The Minnesota Vikings were 1-4 only five weeks ago. With their season circling the drain, the fanbase was split in two directions on how the Vikings should finish the season.
One train of thought was to tank for a quarterback in a strong 2024 draft class. Even if they didn’t throw games, leaning into the young players on the roster and letting them sink or swim sounded appealing. It was an opportunity to land their next franchise QB.
But that was conflicting to the loyal fan. Why would you ever want the Vikings to lose? And what would inspire the current locker room to give up on a season – especially when Kevin O’Connell spent a year and a half building the culture?
The answer is complicated, but Sunday’s opponent could be an example of what many feared the Vikings would have become.
The Denver Broncos got off to a start similar to the Vikings this year as they tried to adapt to new head coach Sean Payton. The season opened with a confounding home loss to the Las Vegas Raiders and another to the Washington Commanders.
Before the Broncos finally tallied their first win of the season over the Chicago Bears, the Miami Dolphins’ rushing attack clown-hammered Denver to the tune of 350 yards. But they lost to Nathaniel Hackett’s New York Jets a week later, and a primetime loss to the Kansas City Chiefs left the Broncos at 1-5.
At this point, Broncos fans had the same conversations as the Vikings faithful. They had a highly paid quarterback entering his late 30s and a roster that didn’t seem to click. They made bad mistakes. Denver turned the ball over and was as leaky as a submarine screen door on defense. The idea of plugging Caleb Williams or Drake Maye into the lineup had to be tantalizing, even if nobody said it.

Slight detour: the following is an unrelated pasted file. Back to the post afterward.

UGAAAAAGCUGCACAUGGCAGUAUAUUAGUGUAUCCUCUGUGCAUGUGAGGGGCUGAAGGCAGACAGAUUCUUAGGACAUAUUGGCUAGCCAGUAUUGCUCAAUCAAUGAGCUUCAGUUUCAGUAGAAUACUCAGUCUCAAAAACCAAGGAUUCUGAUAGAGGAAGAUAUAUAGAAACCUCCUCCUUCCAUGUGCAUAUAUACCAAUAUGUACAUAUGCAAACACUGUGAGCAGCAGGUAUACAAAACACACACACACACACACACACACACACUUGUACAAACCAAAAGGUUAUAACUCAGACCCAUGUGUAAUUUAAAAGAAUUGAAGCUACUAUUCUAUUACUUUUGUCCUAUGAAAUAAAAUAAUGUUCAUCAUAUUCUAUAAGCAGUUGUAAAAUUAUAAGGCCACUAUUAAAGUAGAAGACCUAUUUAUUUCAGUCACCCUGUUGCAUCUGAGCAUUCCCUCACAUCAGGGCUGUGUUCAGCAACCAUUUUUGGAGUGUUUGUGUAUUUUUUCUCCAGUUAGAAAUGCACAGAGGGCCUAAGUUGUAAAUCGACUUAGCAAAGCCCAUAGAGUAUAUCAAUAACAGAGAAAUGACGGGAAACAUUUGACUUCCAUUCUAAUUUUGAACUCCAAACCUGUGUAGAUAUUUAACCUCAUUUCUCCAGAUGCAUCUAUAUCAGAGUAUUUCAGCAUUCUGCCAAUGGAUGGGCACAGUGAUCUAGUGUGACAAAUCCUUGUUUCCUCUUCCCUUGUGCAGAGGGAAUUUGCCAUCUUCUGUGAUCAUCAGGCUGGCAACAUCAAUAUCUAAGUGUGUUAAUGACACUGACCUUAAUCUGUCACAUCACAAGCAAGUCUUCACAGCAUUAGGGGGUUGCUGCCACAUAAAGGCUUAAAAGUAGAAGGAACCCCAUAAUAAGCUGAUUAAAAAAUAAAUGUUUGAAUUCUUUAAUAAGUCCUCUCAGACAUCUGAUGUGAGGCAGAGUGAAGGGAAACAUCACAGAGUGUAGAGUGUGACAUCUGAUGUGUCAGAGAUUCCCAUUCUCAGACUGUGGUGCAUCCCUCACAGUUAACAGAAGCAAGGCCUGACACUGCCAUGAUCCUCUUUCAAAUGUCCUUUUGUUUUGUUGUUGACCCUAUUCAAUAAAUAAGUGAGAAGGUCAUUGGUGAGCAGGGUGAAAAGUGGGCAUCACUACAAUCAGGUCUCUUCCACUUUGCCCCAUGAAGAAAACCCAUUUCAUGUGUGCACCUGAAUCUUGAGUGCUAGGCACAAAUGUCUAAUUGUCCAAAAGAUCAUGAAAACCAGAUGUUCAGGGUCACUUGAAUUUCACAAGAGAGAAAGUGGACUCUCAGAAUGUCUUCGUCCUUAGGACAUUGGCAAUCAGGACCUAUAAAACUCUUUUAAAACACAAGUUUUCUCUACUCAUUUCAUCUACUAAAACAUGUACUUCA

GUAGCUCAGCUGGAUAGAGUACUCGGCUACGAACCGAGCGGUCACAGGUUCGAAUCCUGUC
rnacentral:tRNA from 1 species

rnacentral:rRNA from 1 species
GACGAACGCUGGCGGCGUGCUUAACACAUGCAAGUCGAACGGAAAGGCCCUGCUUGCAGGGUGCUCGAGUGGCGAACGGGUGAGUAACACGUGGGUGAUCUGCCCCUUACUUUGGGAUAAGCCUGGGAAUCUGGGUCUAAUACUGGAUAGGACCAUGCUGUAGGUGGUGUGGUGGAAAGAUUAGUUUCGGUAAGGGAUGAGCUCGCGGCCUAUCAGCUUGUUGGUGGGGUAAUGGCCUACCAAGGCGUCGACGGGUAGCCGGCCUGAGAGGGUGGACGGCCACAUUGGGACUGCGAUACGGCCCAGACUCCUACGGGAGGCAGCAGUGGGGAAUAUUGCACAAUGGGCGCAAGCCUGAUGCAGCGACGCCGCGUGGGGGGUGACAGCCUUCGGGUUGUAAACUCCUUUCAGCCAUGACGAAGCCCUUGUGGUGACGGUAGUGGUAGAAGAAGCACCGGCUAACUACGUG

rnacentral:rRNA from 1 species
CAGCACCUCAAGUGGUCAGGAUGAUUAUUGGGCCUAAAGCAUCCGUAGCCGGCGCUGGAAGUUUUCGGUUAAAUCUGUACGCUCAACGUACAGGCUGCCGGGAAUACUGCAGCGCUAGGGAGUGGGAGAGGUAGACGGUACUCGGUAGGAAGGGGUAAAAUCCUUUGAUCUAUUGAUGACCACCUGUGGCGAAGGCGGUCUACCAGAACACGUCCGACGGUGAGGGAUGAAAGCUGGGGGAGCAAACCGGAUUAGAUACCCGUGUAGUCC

But then the Broncos started winning. They outlasted Jordan Love and the Green Bay Packers 19-17 on Oct. 22 and ended a 16-game losing streak to the Chiefs with a 24-9 victory on Oct. 29. Denver came out of their bye week with a win over the Buffalo Bills and now own a 4-5 record with the Vikings coming to town.
At first glance, they look like a different team. The Broncos have shored up their defense and boast a plus-eight turnover margin over their last three games. Their offense has switched gears from a pass-heavy attack to one that leans on the running game, with 78 rushing attempts in their previous two outings. Denver sits 14th in the AFC standings, but they are only one game behind the Houston Texans for the final spot in the AFC.
There are a lot of reasons for Broncos fans to believe they are contenders now. Still, many of the same problems remain.
The biggest issue has been their offense’s effectiveness. The Broncos enter Sunday’s game 23rd with 6.89 expected points added in the passing game this season. They are averaging only 21.1 points per game as a team over the last seven games. Denver has won despite their offense, which has averaged 22 points per game during its winning streak.